Write Concentration: Using a Pen and Paper to Meditate

Write Concentration: Using a Pen and Paper to Meditate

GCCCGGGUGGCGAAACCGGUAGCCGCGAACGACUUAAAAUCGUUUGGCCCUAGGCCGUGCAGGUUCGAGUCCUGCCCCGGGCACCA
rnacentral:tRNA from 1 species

Photo by Rachel Lynette French | https://tricy.cl/2U7j1pn “How do I forgive?” When I wrote this question in my notebook, I was practicing being present. I had noticed my breath moving in and out of my body, felt the pencil between my fingers, and heard the coarse scratches of the pencil tip on the page. And yet, when I read this question a few minutes later, I made a certain kind of discovery, one that felt both captivating and fresh: I am not who I used to be. In recent years, I’ve been grappling with a difficult relationship in my life, and many of the thoughts that had been emerging in my seated meditation practice were the product of anger, heartbreak, and grief. These thoughts had become so familiar and repetitive that it seemed like they had solidified into a permanent understanding of who I was. But seeing the word forgive in the bright, wide-open space of the page was a stark and unexpected shift in my inner workings. It pulled me right out of the fixed impressions I had of myself and into a more uncertain and open mindset. Perhaps this is the power of writing as a kind of meditation practice: it is a method by which we can make our thoughts visible. This lets us practice being present with whatever arises during the experience of writing our thoughts down and reading them shortly after. Some may wonder if keeping a notebook or reading your writing is actually a form of lingering in the past. Almost every time I finish writing and read my work, I feel surprised by something I wrote down. This is a fleeting but powerful experience that pulls me into the present moment. When I first read my thought about forgiveness, I was shocked that it had come from my mind. It ran counter to what I had been thinking and feeling for years. There it was, though, staring at me from the center of the page in my own handwriting. These moments of surprise—low-grade jolts that shake my mind out of familiar patterns of thinking—loosely remind me of a katsu , or a shout, that some Zen Buddhist teachers have used to startle practitioners into silence. Upon hearing an unexpected shout from the teacher, the practitioner’s mind stops for a moment, and time may even seem to stand still. While I don’t include shouting in my writing practice, I do allow the sudden or unexpected to arise, as doing so can bring about a deep immersion in the present moment. When it comes to practicing writing as meditation, I find that there isn’t one approach that works for everyone. However, one method that I enjoy is using writing to notice everything around me. On a warm day, I’ll sit on a park bench and start writing about objects that are large and nearby, like an ancient oak tree near the entrance of the park. As time passes, I challenge myself to notice more […]

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